Skip navigation
Sign up to follow your favorites on all your devices.
Sign up

Through tragedy and transfer trouble, FSU’s Mirabel Ting arrives in paradise

AUGUSTA, Ga. – It was four days before this past Christmas, though Florida State head coach Amy Bond couldn’t wait to deliver this gift. One of her sophomores, Mirabel Ting, had been declared ineligible for the fall season after transferring in from Augusta University last summer, but the NCAA had just cleared Ting for competition beginning in the spring. So, Bond dialed Ting and presented her with the good news.

Ting immediately began sobbing.

“She goes, ‘Coach, these are happy tears,’” Bond recalls. “It was her Christmas miracle.”

Oh, how she’d been waiting on one.

Two Octobers ago, Ting was riding in the Jaguars’ team van, on her way to her first college tournament in Statesboro, Georgia, when she was alerted that her father, Thomas, had died of a heart attack. A devastated Ting initially sought to play on in her dad’s memory, but the next day she decided it best to rush home to Miri, Malaysia, to grieve with her family.

“At that point, I didn’t know if I’d see Mirabel again,” Augusta head coach Caroline Haase-Hegg told Golfweek last year.

Ting returned two weeks later, but she didn’t last long, struggling to focus on school and golf. She remained in Malaysia until the spring, when she finally rejoined her teammates and turned in a strong debut semester. She won her first event, the Moon Golf Invitational, in a playoff before adding five more top-7 finishes in seven starts while earning a spot on the International Arnold Palmer Cup team.

But something still wasn’t right.

While at the Palmer Cup last June at Laurel Valley, Ting grew closer with Florida State standouts Lottie Woad and Charlotte Heath. Maybe she belonged a Seminole, Ting thought. The day after the event ended, Ting entered the portal and ultimately decided to transfer to Florida State.

There was just one problem: Ting missed the transfer deadline (June 10) by a day, and despite Bond’s best efforts, Ting would have to sit out a semester.

“I don’t know that I’ve been more worried about a player,” Bond said.

Though Ting had her bad days, she rarely showed it. She kept her game sharp while catching up academically to ensure her eligibility on that front, too. She dialed in her short game and discovered the importance of proper course management. When Ting arrived in Tallahassee, she rarely used a yardage book.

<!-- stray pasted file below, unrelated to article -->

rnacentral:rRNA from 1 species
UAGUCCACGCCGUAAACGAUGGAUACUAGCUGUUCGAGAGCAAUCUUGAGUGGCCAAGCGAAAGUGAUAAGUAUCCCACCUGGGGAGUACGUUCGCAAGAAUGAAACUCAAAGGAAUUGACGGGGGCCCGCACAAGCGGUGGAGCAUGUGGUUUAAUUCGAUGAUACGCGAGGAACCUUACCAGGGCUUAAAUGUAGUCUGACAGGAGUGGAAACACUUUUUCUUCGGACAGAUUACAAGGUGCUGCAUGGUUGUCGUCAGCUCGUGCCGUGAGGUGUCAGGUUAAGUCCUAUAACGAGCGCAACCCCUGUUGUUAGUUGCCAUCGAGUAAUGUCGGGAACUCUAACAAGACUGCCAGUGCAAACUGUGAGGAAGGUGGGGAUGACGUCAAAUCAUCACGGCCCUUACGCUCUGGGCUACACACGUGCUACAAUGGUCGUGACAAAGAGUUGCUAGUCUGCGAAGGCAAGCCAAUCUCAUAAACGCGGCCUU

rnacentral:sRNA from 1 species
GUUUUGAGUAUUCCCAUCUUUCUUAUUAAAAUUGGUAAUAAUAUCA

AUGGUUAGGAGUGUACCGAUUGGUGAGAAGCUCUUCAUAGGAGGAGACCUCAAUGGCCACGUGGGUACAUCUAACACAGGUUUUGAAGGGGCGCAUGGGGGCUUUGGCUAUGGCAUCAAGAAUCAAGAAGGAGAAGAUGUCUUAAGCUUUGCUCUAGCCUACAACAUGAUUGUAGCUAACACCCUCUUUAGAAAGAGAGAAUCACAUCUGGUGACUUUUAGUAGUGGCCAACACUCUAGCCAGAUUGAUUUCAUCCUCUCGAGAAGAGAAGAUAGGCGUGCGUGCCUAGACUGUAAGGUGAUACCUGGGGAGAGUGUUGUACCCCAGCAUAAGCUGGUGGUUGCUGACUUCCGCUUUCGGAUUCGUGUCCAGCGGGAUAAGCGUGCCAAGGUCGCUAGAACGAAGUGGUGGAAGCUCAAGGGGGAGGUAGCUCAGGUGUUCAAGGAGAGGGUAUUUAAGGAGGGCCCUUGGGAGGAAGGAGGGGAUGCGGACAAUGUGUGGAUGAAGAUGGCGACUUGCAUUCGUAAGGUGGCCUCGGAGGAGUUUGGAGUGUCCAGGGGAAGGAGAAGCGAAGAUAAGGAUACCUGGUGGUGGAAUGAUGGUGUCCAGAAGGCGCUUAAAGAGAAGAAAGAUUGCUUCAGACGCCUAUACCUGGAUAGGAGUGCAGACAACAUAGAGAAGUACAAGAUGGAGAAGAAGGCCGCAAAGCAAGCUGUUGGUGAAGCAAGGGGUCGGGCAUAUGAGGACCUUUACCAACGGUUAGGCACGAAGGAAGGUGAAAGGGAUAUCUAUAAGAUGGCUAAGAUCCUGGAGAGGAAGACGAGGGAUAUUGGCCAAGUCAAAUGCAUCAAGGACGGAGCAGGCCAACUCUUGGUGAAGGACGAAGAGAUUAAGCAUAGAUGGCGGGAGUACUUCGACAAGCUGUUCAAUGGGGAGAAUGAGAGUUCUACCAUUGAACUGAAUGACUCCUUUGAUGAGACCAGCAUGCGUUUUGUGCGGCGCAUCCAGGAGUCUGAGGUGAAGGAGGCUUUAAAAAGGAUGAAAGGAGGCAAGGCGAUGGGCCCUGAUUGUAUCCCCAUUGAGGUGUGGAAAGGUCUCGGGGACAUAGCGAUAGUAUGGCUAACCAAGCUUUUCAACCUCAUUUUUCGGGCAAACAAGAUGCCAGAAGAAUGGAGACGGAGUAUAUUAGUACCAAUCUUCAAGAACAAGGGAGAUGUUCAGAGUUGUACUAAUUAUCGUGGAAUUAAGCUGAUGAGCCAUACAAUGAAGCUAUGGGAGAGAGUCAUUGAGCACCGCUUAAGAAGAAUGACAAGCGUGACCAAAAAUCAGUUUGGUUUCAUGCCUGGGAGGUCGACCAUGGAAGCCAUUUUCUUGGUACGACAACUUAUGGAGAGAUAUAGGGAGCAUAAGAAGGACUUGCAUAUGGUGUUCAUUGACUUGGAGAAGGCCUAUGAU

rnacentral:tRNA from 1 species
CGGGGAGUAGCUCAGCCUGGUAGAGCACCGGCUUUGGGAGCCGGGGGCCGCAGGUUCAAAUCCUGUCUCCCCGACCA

Tee times and how to watch Saturday’s final round at Augusta National Golf Club.

Most of all, Ting has continued to heal.

“Just trying to know who I am, and like just live day by day,” Ting said.

Getting word that she was finally eligible was a springboard. Through four college starts this spring, Ting owns a win, at the Valspar Augusta Invitational, and hasn’t finished outside the top 7. And of her last nine world-ranked events, Ting has won five of them dating to last summer, when she won a junior event in Malaysia.

“Like a lot of women, she’s struggled with self-confidence,” Bond said, “but she’s starting to come into her own and realize there’s something special in there, and now it’s just a matter of going for it. As soon as a player realizes that, the sky’s the limit.”

As a team this spring, Florida State, with Ting now in the starting lineup, has jumped 12 spots in the national rankings, to No. 19.

“She obviously couldn’t play in the fall, so it was just making sure that she was happy at Florida State, and we were hoping she was going to play in the spring,” Woad said, “and thank God she could because she’s a great player, so she’s definitely added a lot to our team.”

Woad leads the fifth edition of the Augusta National Women’s Amateur by two shots entering Saturday’s final round at Augusta National. Ting is just four shots off the lead in a tie for fifth.

Though this week marks Ting’s debut in the prestigious championship, Ting has played the iconic Alister Mackenzie layout once before, during her freshman year.

“I do not want to say the score,” said Ting, who admitted she played “badly” and even recorded a five-putt.

She’s grown a lot since then.

Bond calls Ting one of the best ball-strikers she’s coached. “She always hits the center of the clubface,” Bond said. During Thursday’s blustery second round at Champions Retreat, Ting didn’t miss a fairway.

Ting will need more of that accuracy and ball-striking prowess if she hopes to track down Woad – and likely a healthy dose of her patented aggressiveness. OK, so Ting has a reputation for being a little too aggressive.

“She’s very much, see flag, hit flag,” Bond said. “But I don’t want her to ever lose that.”

Now that she’s in contention, Ting’s goal has certainly changed. Entering this championship, Ting’s aim was much simpler. “All she wanted to do was make the cut and get to play Augusta National on Saturday,” Bond said. “I’m excited to watch her dream come true.”

Added Ting: “It’s paradise, so I want to get out there and live the moment.”

More happy tears.

And perhaps another miracle.